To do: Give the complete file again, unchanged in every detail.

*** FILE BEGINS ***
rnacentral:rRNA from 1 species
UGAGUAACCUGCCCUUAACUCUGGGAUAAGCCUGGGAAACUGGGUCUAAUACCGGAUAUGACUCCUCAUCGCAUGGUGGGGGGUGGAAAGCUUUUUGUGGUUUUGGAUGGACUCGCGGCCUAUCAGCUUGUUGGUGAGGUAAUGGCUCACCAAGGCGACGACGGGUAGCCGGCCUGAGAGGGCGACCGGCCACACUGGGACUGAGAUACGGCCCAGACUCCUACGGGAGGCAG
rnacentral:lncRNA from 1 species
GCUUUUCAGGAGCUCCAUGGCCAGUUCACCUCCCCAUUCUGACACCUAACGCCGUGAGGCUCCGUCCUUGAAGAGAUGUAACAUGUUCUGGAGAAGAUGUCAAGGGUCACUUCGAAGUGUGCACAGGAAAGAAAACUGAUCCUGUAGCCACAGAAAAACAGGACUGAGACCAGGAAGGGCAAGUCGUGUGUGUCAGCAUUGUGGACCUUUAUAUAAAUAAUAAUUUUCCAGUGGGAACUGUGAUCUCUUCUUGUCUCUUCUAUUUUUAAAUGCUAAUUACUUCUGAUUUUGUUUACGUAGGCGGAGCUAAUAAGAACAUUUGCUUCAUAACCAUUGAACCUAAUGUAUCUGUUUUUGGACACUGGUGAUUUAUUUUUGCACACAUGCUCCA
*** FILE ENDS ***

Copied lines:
rnacentral:rRNA from 1 species
UGAGUAACCUGCCCUUAACUCUGGGAUAAGCCUGGGAAACUGGGUCUAAUACCGGAUAUGACUCCUCAUCGCAUGGUGGGGGGUGGAAAGCUUUUUGUGGUUUUGGAUGGACUCGCGGCCUAUCAGCUUGUUGGUGAGGUAAUGGCUCACCAAGGCGACGACGGGUAGCCGGCCUGAGAGGGCGACCGGCCACACUGGGACUGAGAUACGGCCCAGACUCCUACGGGAGGCAG
rnacentral:lncRNA from 1 species
GCUUUUCAGGAGCUCCAUGGCCAGUUCACCUCCCCAUUCUGACACCUAACGCCGUGAGGCUCCGUCCUUGAAGAGAUGUAACAUGUUCUGGAGAAGAUGUCAAGGGUCACUUCGAAGUGUGCACAGGAAAGAAAACUGAUCCUGUAGCCACAGAAAAACAGGACUGAGACCAGGAAGGGCAAGUCGUGUGUGUCAGCAUUGUGGACCUUUAUAUAAAUAAUAAUUUUCCAGUGGGAACUGUGAUCUCUUCUUGUCUCUUCUAUUUUUAAAUGCUAAUUACUUCUGAUUUUGUUUACGUAGGCGGAGCUAAUAAGAACAUUUGCUUCAUAACCAUUGAACCUAAUGUAUCUGUUUUUGGACACUGGUGAUUUAUUUUUGCACACAUGCUCCA